Sequencing of maternal plasma to detect fetal chromosomal aneuploidies is currently being offered by four US-based companies — Sequenom, Verinata Health, Ariosa Diagnostics, and Natera — and researchers now think that the technique can be expanded to detect sub-chromosomal deletions and duplications in the fetal genome as well.

Such aberrations are less frequent than fetal aneuploidy, but can cause conditions like DiGeorge syndrome, characterized by congenital heart defects, learning deficiencies, immune problems, abnormal facial features, and other problems.

Get the full story with
GenomeWeb Premium

Only $95 for the
first 90 days*

A trial upgrade to GenomeWeb Premium gives you full site access, interest-based email alerts, access to archives, and more. Never miss another important industry story.

Try GenomeWeb Premium now.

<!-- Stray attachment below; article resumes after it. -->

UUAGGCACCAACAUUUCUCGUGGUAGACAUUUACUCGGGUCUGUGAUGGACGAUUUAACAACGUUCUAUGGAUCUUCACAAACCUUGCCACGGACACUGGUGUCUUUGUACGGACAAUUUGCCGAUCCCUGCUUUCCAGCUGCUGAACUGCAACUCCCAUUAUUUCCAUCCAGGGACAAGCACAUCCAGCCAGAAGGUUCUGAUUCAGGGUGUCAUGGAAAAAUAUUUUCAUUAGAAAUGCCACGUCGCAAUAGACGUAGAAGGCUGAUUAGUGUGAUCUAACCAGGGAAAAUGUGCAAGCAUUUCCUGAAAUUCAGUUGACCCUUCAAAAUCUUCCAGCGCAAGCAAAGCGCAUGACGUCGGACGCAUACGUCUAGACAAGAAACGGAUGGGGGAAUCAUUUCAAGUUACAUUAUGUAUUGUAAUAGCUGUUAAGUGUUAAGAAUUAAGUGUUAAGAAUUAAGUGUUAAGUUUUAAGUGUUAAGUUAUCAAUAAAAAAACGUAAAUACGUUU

Already a GenomeWeb Premium member? Login Now.
Or, See if your institution qualifies for premium access.

*Before your trial expires, we’ll put together a custom quote with your long-term premium options.

Not ready for premium?

Browse our free articles
You can still register for access to our free content.

In Science this week: swapping yeast genes with human orthologs to study conservation of function, and more.

Hong Kong is using DNA phenotyping to shame litterers.

A study appearing in Cell suggests some metastatic castration-resistant prostate cancer patients could benefit from PARP inhibitor therapy.

NIH's Francis Collins writes that scientific advances are poised to help populations all over the world, but more scientists are needed to keep the momentum.